When you’ve lived in a county for 20+ years, and the county town or city for over 3 years, it’s always a surprise to discover new places to visit. The latest find, thanks to a friend who drove past it and let me know, is the Oxford Bus Museum.
Yes, there is a bus museum. It shouldn’t really be a surprise given the number of buses driving around Oxford, but these were buses ranging through the decades.
The Oxford Bus Museum, is actually in Long Hanborough, a village just outside Woodstock. It’s not a massive place, so visiting the museum in the morning then going on to Woodstock for lunch makes a pretty good day out.
The buses on display range from 130 years ago to the present day. If your children are like most, they’ll want to get on every coach, and there’s a great opportunity to look inside most doorways, if not go in.
With displays and photography from local people, the bus museum covers everything about buses…signs, uniforms, workers, engines, chassis and more.
Catering for all ages, there’s a children’s activity area, along with a bus they can pretend to drive and ride on. We didn’t partake in the activity trail, but you can look out for the fun questions as you walk round.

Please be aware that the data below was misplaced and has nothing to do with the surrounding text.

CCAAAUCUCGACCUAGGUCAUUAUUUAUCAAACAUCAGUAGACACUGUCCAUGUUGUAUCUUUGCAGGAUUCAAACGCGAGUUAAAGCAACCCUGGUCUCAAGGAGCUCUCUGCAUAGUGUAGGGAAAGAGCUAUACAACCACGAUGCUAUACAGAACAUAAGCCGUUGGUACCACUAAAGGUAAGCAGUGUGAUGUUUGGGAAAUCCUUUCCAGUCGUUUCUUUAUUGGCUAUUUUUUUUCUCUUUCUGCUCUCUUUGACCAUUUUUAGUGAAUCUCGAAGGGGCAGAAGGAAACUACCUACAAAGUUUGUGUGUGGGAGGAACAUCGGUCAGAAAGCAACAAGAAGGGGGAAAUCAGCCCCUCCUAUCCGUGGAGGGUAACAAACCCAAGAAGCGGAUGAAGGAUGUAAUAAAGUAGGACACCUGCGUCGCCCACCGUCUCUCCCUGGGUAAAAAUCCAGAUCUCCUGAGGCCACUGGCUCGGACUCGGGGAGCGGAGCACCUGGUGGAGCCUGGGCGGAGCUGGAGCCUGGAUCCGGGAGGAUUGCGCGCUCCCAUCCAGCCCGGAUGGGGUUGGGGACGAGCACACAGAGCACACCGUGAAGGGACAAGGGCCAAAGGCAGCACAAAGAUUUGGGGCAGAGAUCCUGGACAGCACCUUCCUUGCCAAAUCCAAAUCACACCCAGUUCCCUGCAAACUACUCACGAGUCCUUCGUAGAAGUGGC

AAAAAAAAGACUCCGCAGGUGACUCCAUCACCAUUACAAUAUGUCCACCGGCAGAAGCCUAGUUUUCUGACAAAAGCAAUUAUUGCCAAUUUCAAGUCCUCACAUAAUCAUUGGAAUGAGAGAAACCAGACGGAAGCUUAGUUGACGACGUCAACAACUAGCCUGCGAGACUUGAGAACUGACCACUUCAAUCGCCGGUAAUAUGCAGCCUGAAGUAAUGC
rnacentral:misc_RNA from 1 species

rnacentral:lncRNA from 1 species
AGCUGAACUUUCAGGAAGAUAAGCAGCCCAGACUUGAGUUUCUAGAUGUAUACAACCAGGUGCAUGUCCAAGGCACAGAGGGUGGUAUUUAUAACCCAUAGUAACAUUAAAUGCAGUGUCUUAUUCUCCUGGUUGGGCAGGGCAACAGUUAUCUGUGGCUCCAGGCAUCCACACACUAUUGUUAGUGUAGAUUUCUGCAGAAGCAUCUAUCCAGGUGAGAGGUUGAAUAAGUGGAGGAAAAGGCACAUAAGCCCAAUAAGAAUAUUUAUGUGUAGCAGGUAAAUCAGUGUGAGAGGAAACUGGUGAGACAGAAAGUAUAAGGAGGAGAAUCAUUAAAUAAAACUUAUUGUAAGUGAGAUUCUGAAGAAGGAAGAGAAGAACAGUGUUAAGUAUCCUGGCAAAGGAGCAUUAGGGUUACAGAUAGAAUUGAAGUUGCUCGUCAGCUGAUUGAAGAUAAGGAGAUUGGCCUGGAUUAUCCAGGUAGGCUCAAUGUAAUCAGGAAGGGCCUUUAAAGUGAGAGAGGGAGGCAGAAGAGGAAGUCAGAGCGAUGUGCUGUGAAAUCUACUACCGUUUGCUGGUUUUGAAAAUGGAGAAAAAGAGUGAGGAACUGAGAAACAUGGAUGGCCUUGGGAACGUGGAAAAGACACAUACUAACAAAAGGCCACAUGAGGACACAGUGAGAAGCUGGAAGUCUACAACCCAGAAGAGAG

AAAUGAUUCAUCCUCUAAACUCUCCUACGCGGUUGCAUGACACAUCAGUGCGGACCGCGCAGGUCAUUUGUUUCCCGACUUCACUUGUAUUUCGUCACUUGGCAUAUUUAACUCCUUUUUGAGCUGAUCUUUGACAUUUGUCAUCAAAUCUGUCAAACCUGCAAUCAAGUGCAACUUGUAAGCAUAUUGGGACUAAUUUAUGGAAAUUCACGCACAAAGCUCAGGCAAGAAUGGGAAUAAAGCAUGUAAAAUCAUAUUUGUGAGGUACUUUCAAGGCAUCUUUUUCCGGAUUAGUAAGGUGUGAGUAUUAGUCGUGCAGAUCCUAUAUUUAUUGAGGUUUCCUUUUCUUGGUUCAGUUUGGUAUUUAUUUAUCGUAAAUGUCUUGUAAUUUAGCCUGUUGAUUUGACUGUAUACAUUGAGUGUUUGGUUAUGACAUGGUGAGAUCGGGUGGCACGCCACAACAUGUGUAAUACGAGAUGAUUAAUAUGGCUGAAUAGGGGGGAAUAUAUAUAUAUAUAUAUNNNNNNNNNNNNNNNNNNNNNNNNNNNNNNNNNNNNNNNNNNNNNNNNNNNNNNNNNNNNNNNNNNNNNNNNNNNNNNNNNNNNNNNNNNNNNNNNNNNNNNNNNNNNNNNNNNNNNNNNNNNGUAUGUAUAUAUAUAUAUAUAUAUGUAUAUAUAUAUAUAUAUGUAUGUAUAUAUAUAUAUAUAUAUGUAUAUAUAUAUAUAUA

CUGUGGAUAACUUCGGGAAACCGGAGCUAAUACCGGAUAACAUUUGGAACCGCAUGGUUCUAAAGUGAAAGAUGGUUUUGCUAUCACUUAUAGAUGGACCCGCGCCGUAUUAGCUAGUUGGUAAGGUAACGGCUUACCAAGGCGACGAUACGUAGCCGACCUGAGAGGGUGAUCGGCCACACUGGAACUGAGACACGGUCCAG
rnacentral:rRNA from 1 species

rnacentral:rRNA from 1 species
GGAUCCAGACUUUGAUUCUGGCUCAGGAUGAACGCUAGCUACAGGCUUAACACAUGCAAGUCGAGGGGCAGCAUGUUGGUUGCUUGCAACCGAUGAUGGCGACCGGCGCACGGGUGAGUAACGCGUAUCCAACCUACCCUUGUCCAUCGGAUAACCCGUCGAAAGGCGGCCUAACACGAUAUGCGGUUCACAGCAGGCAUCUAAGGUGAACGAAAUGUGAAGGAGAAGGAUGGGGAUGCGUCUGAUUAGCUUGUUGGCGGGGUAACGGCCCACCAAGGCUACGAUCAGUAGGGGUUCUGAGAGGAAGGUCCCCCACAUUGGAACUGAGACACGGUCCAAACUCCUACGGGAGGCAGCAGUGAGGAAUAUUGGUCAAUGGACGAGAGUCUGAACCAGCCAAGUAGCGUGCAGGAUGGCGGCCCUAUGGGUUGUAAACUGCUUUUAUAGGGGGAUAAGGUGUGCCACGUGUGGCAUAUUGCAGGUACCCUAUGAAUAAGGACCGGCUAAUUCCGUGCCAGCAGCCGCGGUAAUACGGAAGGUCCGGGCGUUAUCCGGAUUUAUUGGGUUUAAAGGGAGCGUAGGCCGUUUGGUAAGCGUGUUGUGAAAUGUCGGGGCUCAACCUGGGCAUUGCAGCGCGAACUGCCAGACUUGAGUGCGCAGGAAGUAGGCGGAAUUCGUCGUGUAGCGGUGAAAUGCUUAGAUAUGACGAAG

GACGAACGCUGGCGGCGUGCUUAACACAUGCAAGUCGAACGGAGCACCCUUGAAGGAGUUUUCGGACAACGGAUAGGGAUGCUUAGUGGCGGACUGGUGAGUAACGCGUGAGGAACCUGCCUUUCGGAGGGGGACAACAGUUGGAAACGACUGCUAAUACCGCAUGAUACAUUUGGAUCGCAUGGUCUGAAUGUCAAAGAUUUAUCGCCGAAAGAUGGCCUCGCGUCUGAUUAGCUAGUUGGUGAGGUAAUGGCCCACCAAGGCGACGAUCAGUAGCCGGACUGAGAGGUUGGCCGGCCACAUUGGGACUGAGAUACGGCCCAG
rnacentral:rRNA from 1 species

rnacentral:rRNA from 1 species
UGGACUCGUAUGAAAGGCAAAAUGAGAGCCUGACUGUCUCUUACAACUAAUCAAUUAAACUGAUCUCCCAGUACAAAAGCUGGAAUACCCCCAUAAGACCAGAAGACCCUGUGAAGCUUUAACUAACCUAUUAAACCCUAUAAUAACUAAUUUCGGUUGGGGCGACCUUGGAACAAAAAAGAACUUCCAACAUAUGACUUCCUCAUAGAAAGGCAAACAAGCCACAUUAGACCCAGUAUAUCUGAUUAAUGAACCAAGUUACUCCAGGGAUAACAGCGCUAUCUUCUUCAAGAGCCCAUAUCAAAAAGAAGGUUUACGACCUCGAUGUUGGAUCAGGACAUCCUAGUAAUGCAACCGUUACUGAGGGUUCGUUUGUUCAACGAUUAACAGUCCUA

If you think you’re up on the Highway Code, then why not try and guess the road sign quiz. Embarrassingly I did get quite a few wrong.
There’s a children’s area, with colouring and activity books, some seating, and a small bus for them to drive. We got taken on holiday by my son. We also spent some time on and off some retro 1980s coaches, just like those we used to go to school on.
As well as the buses, there’s a Morris Motors part to the museum. That means vintage cars, tractor and an area for bicycles through the years. We whizzed through that area as you so often do with young children, but there’s plenty to see – I could easily see if taking a few hours to go round looking in detail.
What many people want is to get on the vintage bus rides. The bus only drives a few miles down the road, but the volunteers give everyone on the bus a traditional bus ticket, and there are photo opportunities afterwards, or at the turning point. Great fun and everyone enjoyed the ride.
We ended off our trip with refreshments at the cafe. When I say cafe, imagine a driver’s break stop. It’s basic, but really cheap. Handy if you just want a cup of tea and Kipling cake before heading off into Oxford or Woodstock for lunch somewhere.
Museum entry costs £4.50 for adults, £2.50 for age 3-16, with family entry at a bargain £10.